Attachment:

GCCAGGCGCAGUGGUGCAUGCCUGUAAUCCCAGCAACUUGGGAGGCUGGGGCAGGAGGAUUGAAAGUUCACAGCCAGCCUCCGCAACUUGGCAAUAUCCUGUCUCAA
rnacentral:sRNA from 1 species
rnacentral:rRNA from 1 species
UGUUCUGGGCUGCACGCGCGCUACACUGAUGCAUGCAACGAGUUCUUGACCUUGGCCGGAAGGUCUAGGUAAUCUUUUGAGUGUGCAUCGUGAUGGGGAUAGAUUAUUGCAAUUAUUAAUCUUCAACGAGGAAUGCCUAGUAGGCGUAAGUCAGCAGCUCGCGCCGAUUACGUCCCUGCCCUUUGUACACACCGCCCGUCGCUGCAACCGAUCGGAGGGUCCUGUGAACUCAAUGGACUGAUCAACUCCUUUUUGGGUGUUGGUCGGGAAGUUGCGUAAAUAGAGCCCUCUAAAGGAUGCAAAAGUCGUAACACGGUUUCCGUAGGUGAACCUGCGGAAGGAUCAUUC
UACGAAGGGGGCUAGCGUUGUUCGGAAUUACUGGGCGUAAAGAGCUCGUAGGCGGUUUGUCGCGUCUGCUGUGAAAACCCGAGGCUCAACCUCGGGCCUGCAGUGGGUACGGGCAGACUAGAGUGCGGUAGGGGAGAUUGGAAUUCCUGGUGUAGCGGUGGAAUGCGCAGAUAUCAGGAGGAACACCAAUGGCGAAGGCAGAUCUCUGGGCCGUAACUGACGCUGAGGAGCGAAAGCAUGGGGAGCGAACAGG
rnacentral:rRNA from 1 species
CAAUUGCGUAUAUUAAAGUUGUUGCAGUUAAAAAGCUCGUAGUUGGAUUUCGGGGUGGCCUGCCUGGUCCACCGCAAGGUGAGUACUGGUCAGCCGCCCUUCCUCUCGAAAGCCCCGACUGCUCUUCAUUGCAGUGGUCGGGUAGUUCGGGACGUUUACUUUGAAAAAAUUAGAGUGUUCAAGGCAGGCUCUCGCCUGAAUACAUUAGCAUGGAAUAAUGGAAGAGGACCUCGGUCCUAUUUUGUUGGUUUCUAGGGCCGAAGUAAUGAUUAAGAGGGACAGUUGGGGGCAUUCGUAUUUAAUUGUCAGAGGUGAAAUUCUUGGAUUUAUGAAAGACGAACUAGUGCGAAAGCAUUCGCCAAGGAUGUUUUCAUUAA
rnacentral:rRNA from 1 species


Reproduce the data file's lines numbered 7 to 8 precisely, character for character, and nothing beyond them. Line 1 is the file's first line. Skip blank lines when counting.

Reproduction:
CAAUUGCGUAUAUUAAAGUUGUUGCAGUUAAAAAGCUCGUAGUUGGAUUUCGGGGUGGCCUGCCUGGUCCACCGCAAGGUGAGUACUGGUCAGCCGCCCUUCCUCUCGAAAGCCCCGACUGCUCUUCAUUGCAGUGGUCGGGUAGUUCGGGACGUUUACUUUGAAAAAAUUAGAGUGUUCAAGGCAGGCUCUCGCCUGAAUACAUUAGCAUGGAAUAAUGGAAGAGGACCUCGGUCCUAUUUUGUUGGUUUCUAGGGCCGAAGUAAUGAUUAAGAGGGACAGUUGGGGGCAUUCGUAUUUAAUUGUCAGAGGUGAAAUUCUUGGAUUUAUGAAAGACGAACUAGUGCGAAAGCAUUCGCCAAGGAUGUUUUCAUUAA
rnacentral:rRNA from 1 species